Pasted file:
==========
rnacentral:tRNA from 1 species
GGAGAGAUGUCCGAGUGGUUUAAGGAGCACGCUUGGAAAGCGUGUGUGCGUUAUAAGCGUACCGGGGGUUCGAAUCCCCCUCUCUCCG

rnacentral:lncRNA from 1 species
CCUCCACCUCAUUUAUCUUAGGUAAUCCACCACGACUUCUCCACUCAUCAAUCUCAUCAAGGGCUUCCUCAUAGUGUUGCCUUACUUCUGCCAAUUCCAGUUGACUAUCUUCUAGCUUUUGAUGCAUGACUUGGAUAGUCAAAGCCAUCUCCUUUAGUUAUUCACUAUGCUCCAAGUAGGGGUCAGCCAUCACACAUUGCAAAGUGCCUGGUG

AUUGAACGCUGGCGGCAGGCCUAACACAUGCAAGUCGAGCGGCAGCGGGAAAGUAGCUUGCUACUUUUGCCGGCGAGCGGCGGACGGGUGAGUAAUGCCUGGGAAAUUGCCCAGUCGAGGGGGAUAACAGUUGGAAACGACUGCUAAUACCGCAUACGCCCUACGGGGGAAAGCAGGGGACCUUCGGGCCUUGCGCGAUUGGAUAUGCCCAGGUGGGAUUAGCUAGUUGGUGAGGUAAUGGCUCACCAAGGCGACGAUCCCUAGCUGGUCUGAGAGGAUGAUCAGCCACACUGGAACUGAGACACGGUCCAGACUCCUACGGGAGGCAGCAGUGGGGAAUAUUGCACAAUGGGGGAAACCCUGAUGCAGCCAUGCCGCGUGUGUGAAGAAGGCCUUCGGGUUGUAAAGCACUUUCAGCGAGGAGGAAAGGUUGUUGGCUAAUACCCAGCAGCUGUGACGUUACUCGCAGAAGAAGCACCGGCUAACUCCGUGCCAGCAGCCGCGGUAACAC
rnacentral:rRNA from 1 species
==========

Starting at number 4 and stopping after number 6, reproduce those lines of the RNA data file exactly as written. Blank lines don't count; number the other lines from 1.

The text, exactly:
CCUCCACCUCAUUUAUCUUAGGUAAUCCACCACGACUUCUCCACUCAUCAAUCUCAUCAAGGGCUUCCUCAUAGUGUUGCCUUACUUCUGCCAAUUCCAGUUGACUAUCUUCUAGCUUUUGAUGCAUGACUUGGAUAGUCAAAGCCAUCUCCUUUAGUUAUUCACUAUGCUCCAAGUAGGGGUCAGCCAUCACACAUUGCAAAGUGCCUGGUG

AUUGAACGCUGGCGGCAGGCCUAACACAUGCAAGUCGAGCGGCAGCGGGAAAGUAGCUUGCUACUUUUGCCGGCGAGCGGCGGACGGGUGAGUAAUGCCUGGGAAAUUGCCCAGUCGAGGGGGAUAACAGUUGGAAACGACUGCUAAUACCGCAUACGCCCUACGGGGGAAAGCAGGGGACCUUCGGGCCUUGCGCGAUUGGAUAUGCCCAGGUGGGAUUAGCUAGUUGGUGAGGUAAUGGCUCACCAAGGCGACGAUCCCUAGCUGGUCUGAGAGGAUGAUCAGCCACACUGGAACUGAGACACGGUCCAGACUCCUACGGGAGGCAGCAGUGGGGAAUAUUGCACAAUGGGGGAAACCCUGAUGCAGCCAUGCCGCGUGUGUGAAGAAGGCCUUCGGGUUGUAAAGCACUUUCAGCGAGGAGGAAAGGUUGUUGGCUAAUACCCAGCAGCUGUGACGUUACUCGCAGAAGAAGCACCGGCUAACUCCGUGCCAGCAGCCGCGGUAACAC
rnacentral:rRNA from 1 species